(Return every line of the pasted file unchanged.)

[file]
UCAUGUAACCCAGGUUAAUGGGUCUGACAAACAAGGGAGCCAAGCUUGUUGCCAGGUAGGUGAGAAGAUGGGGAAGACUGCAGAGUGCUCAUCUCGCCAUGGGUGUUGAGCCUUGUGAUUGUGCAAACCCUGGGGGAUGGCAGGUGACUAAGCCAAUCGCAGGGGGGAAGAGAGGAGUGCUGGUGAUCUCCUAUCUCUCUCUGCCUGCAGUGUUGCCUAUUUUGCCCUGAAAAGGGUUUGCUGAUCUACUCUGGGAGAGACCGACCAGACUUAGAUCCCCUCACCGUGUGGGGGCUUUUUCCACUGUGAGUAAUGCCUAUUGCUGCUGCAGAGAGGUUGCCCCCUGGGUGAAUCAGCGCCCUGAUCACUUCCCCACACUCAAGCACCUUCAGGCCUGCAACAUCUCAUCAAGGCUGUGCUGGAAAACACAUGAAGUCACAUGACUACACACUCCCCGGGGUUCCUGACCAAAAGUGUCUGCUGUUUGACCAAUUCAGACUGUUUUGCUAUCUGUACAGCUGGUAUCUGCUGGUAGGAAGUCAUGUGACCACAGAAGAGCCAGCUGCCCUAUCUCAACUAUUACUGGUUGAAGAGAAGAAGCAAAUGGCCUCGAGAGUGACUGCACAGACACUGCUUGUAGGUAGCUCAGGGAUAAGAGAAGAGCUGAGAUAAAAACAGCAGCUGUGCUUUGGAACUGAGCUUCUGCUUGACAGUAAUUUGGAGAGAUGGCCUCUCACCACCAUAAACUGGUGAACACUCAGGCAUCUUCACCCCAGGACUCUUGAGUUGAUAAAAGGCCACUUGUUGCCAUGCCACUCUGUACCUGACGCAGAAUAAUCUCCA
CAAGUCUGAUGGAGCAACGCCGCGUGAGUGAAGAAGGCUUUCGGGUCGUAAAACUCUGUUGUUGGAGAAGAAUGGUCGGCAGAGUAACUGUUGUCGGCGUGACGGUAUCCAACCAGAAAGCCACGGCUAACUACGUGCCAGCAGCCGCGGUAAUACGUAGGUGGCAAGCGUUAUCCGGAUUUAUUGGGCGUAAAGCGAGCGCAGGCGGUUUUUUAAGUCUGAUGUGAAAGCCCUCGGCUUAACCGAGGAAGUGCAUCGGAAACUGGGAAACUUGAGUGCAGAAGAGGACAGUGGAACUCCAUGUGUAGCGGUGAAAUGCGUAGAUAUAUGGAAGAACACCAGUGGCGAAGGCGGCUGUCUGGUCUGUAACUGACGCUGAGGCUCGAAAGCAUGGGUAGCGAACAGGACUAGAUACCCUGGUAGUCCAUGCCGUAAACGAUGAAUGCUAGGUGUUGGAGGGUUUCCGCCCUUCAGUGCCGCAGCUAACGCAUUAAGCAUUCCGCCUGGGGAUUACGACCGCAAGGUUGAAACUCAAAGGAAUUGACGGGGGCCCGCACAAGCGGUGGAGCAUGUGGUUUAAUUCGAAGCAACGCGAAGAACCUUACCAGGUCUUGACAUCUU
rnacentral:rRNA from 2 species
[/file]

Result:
UCAUGUAACCCAGGUUAAUGGGUCUGACAAACAAGGGAGCCAAGCUUGUUGCCAGGUAGGUGAGAAGAUGGGGAAGACUGCAGAGUGCUCAUCUCGCCAUGGGUGUUGAGCCUUGUGAUUGUGCAAACCCUGGGGGAUGGCAGGUGACUAAGCCAAUCGCAGGGGGGAAGAGAGGAGUGCUGGUGAUCUCCUAUCUCUCUCUGCCUGCAGUGUUGCCUAUUUUGCCCUGAAAAGGGUUUGCUGAUCUACUCUGGGAGAGACCGACCAGACUUAGAUCCCCUCACCGUGUGGGGGCUUUUUCCACUGUGAGUAAUGCCUAUUGCUGCUGCAGAGAGGUUGCCCCCUGGGUGAAUCAGCGCCCUGAUCACUUCCCCACACUCAAGCACCUUCAGGCCUGCAACAUCUCAUCAAGGCUGUGCUGGAAAACACAUGAAGUCACAUGACUACACACUCCCCGGGGUUCCUGACCAAAAGUGUCUGCUGUUUGACCAAUUCAGACUGUUUUGCUAUCUGUACAGCUGGUAUCUGCUGGUAGGAAGUCAUGUGACCACAGAAGAGCCAGCUGCCCUAUCUCAACUAUUACUGGUUGAAGAGAAGAAGCAAAUGGCCUCGAGAGUGACUGCACAGACACUGCUUGUAGGUAGCUCAGGGAUAAGAGAAGAGCUGAGAUAAAAACAGCAGCUGUGCUUUGGAACUGAGCUUCUGCUUGACAGUAAUUUGGAGAGAUGGCCUCUCACCACCAUAAACUGGUGAACACUCAGGCAUCUUCACCCCAGGACUCUUGAGUUGAUAAAAGGCCACUUGUUGCCAUGCCACUCUGUACCUGACGCAGAAUAAUCUCCA
CAAGUCUGAUGGAGCAACGCCGCGUGAGUGAAGAAGGCUUUCGGGUCGUAAAACUCUGUUGUUGGAGAAGAAUGGUCGGCAGAGUAACUGUUGUCGGCGUGACGGUAUCCAACCAGAAAGCCACGGCUAACUACGUGCCAGCAGCCGCGGUAAUACGUAGGUGGCAAGCGUUAUCCGGAUUUAUUGGGCGUAAAGCGAGCGCAGGCGGUUUUUUAAGUCUGAUGUGAAAGCCCUCGGCUUAACCGAGGAAGUGCAUCGGAAACUGGGAAACUUGAGUGCAGAAGAGGACAGUGGAACUCCAUGUGUAGCGGUGAAAUGCGUAGAUAUAUGGAAGAACACCAGUGGCGAAGGCGGCUGUCUGGUCUGUAACUGACGCUGAGGCUCGAAAGCAUGGGUAGCGAACAGGACUAGAUACCCUGGUAGUCCAUGCCGUAAACGAUGAAUGCUAGGUGUUGGAGGGUUUCCGCCCUUCAGUGCCGCAGCUAACGCAUUAAGCAUUCCGCCUGGGGAUUACGACCGCAAGGUUGAAACUCAAAGGAAUUGACGGGGGCCCGCACAAGCGGUGGAGCAUGUGGUUUAAUUCGAAGCAACGCGAAGAACCUUACCAGGUCUUGACAUCUU
rnacentral:rRNA from 2 species